Marines know that the Tripolitan War started in May of 1801 when the Bashaw of Tripoli made the mistake of declaring war on the United States. Thomas Jefferson sent a squadron of ships with 180 Marines aboard, and, as everyone knows from the song, the Marines kicked the Barbary pirates around the block. By the end of the Tripolitan War, Marine Lieutenant Presley N. O'Bannon war was carrying the famous "Mamluke Sword", a gift, which the rightful ruler of Tripoli had presented to O'Bannon, to honor his heroism in the battle for Derna. Marine officers until today have carried swords patterned on the Mamluke Sword. Marine flags after the war bore the motto "To the Shores of Tripoli."
The "Halls of the Montezumas", as every Marine knows, entered Marine history almost fifty years later. The Marines performed many heroic deeds during the Mexican War in the late 1840's, especially in the capture and occupation of Mexico City and of the Castle of Chapultapec (otherwise known, as you probably could guess, as the "Halls of Montezuma".) In recognition of their valor, the citizens of Washington, D.C. presented Marine Commandant Archibald Henderson with a blue and gold standard, which bore the motto, "From Tripoli to the Halls of the Montezumas."
Among the many things Marines know is the fact that, according to tradition, a Marine on duty in Mexico wrote the words of the Marine Hymn. For the sake of euphony, the unknown author transposed the phrases in the motto on the Colors so that the first two lines of the Hymn would read: "From the Halls of Montezuma, to the Shores of Tripoli." The music for the Hymn came from Jacques Offenbach's comic opera Genevieve de Brabant.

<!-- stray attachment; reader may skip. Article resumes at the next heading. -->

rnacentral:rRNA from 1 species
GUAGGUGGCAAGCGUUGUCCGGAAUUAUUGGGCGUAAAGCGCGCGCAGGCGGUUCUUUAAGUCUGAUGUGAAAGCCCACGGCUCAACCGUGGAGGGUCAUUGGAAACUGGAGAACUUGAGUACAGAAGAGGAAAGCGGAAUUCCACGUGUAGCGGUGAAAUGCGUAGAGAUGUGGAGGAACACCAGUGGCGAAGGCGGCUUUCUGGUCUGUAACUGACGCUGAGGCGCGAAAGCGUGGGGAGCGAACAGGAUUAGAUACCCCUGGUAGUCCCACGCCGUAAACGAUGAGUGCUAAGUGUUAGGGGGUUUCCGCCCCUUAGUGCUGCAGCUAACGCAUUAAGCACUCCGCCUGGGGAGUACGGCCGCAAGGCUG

The official Marine Corps Hymn web page is at http://hqinet001.hqmc.usmc.mil/HD/Historical/Customes_Traditions/Marines_Hymn.htm
Then move on to the main part of the official USMC Internet site that most of the others use as their main source of information: http://www.usmc.mil/. There you can check out the two impressive gateways to Marine Corps history: http://www.usmc.mil/historical.nsf/brief+history?openview&count=9999 and http://www.usmc.mil/historical.nsf/frequently+asked+questions?openview&count=9999. There are links on the latter for more info on the Marine Hymn (including the lyrics of all four official verses) and for other Marine lore.
The Commandant's Message for the
225th (year 2000) birthday is at http://www.usmc.mil/cmc/32cmc.nsf/main.